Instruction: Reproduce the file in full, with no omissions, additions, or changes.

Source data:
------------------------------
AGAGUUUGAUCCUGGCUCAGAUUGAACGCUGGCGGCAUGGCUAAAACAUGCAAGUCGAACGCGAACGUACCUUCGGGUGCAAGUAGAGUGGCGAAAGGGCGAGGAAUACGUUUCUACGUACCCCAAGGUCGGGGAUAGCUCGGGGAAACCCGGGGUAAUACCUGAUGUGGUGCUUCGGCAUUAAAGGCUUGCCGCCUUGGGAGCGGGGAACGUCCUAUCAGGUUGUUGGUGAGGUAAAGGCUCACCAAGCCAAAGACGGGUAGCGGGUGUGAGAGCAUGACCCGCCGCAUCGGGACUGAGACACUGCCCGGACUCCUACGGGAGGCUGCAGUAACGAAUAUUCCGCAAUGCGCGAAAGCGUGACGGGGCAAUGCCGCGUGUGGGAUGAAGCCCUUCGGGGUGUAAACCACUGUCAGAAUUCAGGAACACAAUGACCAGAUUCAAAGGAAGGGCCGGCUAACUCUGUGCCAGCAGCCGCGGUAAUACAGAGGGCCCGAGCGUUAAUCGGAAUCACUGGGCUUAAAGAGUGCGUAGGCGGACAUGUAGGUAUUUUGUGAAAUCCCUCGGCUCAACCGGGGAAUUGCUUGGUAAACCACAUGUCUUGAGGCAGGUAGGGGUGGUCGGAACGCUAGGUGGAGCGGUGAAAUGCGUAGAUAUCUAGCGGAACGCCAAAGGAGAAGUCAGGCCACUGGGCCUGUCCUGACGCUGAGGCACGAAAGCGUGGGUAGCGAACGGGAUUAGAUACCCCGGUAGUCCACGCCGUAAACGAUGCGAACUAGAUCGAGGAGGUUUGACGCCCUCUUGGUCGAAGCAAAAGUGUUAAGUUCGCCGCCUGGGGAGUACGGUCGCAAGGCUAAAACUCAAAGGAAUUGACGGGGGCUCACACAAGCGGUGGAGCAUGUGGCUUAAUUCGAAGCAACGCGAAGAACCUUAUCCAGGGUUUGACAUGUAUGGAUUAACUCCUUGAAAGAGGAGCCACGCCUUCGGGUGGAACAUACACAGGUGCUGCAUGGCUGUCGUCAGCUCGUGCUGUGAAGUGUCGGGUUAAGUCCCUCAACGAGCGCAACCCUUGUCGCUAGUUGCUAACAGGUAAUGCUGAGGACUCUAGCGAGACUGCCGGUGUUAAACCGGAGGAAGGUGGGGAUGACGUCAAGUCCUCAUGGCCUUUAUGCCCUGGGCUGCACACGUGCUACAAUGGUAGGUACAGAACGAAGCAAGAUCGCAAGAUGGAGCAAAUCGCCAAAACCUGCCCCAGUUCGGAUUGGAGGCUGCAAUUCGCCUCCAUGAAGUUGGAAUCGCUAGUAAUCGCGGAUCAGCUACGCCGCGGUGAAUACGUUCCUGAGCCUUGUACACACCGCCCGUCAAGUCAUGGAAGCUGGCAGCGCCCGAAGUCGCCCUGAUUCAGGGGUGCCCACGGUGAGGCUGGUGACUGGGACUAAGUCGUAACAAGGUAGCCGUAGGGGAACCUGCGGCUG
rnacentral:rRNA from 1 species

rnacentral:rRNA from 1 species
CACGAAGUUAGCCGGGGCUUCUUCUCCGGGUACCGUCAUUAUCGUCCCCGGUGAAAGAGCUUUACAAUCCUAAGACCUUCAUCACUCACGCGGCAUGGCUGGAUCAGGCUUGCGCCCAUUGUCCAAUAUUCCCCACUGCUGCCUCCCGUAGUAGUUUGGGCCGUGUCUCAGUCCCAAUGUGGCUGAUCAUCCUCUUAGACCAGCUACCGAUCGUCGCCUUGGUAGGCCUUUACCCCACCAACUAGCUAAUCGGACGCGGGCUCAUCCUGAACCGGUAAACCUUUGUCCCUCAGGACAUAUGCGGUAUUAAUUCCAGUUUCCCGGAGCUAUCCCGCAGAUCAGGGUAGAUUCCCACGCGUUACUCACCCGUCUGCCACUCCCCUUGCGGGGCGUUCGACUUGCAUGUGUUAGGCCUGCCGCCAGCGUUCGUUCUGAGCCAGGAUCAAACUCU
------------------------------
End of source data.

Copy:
AGAGUUUGAUCCUGGCUCAGAUUGAACGCUGGCGGCAUGGCUAAAACAUGCAAGUCGAACGCGAACGUACCUUCGGGUGCAAGUAGAGUGGCGAAAGGGCGAGGAAUACGUUUCUACGUACCCCAAGGUCGGGGAUAGCUCGGGGAAACCCGGGGUAAUACCUGAUGUGGUGCUUCGGCAUUAAAGGCUUGCCGCCUUGGGAGCGGGGAACGUCCUAUCAGGUUGUUGGUGAGGUAAAGGCUCACCAAGCCAAAGACGGGUAGCGGGUGUGAGAGCAUGACCCGCCGCAUCGGGACUGAGACACUGCCCGGACUCCUACGGGAGGCUGCAGUAACGAAUAUUCCGCAAUGCGCGAAAGCGUGACGGGGCAAUGCCGCGUGUGGGAUGAAGCCCUUCGGGGUGUAAACCACUGUCAGAAUUCAGGAACACAAUGACCAGAUUCAAAGGAAGGGCCGGCUAACUCUGUGCCAGCAGCCGCGGUAAUACAGAGGGCCCGAGCGUUAAUCGGAAUCACUGGGCUUAAAGAGUGCGUAGGCGGACAUGUAGGUAUUUUGUGAAAUCCCUCGGCUCAACCGGGGAAUUGCUUGGUAAACCACAUGUCUUGAGGCAGGUAGGGGUGGUCGGAACGCUAGGUGGAGCGGUGAAAUGCGUAGAUAUCUAGCGGAACGCCAAAGGAGAAGUCAGGCCACUGGGCCUGUCCUGACGCUGAGGCACGAAAGCGUGGGUAGCGAACGGGAUUAGAUACCCCGGUAGUCCACGCCGUAAACGAUGCGAACUAGAUCGAGGAGGUUUGACGCCCUCUUGGUCGAAGCAAAAGUGUUAAGUUCGCCGCCUGGGGAGUACGGUCGCAAGGCUAAAACUCAAAGGAAUUGACGGGGGCUCACACAAGCGGUGGAGCAUGUGGCUUAAUUCGAAGCAACGCGAAGAACCUUAUCCAGGGUUUGACAUGUAUGGAUUAACUCCUUGAAAGAGGAGCCACGCCUUCGGGUGGAACAUACACAGGUGCUGCAUGGCUGUCGUCAGCUCGUGCUGUGAAGUGUCGGGUUAAGUCCCUCAACGAGCGCAACCCUUGUCGCUAGUUGCUAACAGGUAAUGCUGAGGACUCUAGCGAGACUGCCGGUGUUAAACCGGAGGAAGGUGGGGAUGACGUCAAGUCCUCAUGGCCUUUAUGCCCUGGGCUGCACACGUGCUACAAUGGUAGGUACAGAACGAAGCAAGAUCGCAAGAUGGAGCAAAUCGCCAAAACCUGCCCCAGUUCGGAUUGGAGGCUGCAAUUCGCCUCCAUGAAGUUGGAAUCGCUAGUAAUCGCGGAUCAGCUACGCCGCGGUGAAUACGUUCCUGAGCCUUGUACACACCGCCCGUCAAGUCAUGGAAGCUGGCAGCGCCCGAAGUCGCCCUGAUUCAGGGGUGCCCACGGUGAGGCUGGUGACUGGGACUAAGUCGUAACAAGGUAGCCGUAGGGGAACCUGCGGCUG
rnacentral:rRNA from 1 species

rnacentral:rRNA from 1 species
CACGAAGUUAGCCGGGGCUUCUUCUCCGGGUACCGUCAUUAUCGUCCCCGGUGAAAGAGCUUUACAAUCCUAAGACCUUCAUCACUCACGCGGCAUGGCUGGAUCAGGCUUGCGCCCAUUGUCCAAUAUUCCCCACUGCUGCCUCCCGUAGUAGUUUGGGCCGUGUCUCAGUCCCAAUGUGGCUGAUCAUCCUCUUAGACCAGCUACCGAUCGUCGCCUUGGUAGGCCUUUACCCCACCAACUAGCUAAUCGGACGCGGGCUCAUCCUGAACCGGUAAACCUUUGUCCCUCAGGACAUAUGCGGUAUUAAUUCCAGUUUCCCGGAGCUAUCCCGCAGAUCAGGGUAGAUUCCCACGCGUUACUCACCCGUCUGCCACUCCCCUUGCGGGGCGUUCGACUUGCAUGUGUUAGGCCUGCCGCCAGCGUUCGUUCUGAGCCAGGAUCAAACUCU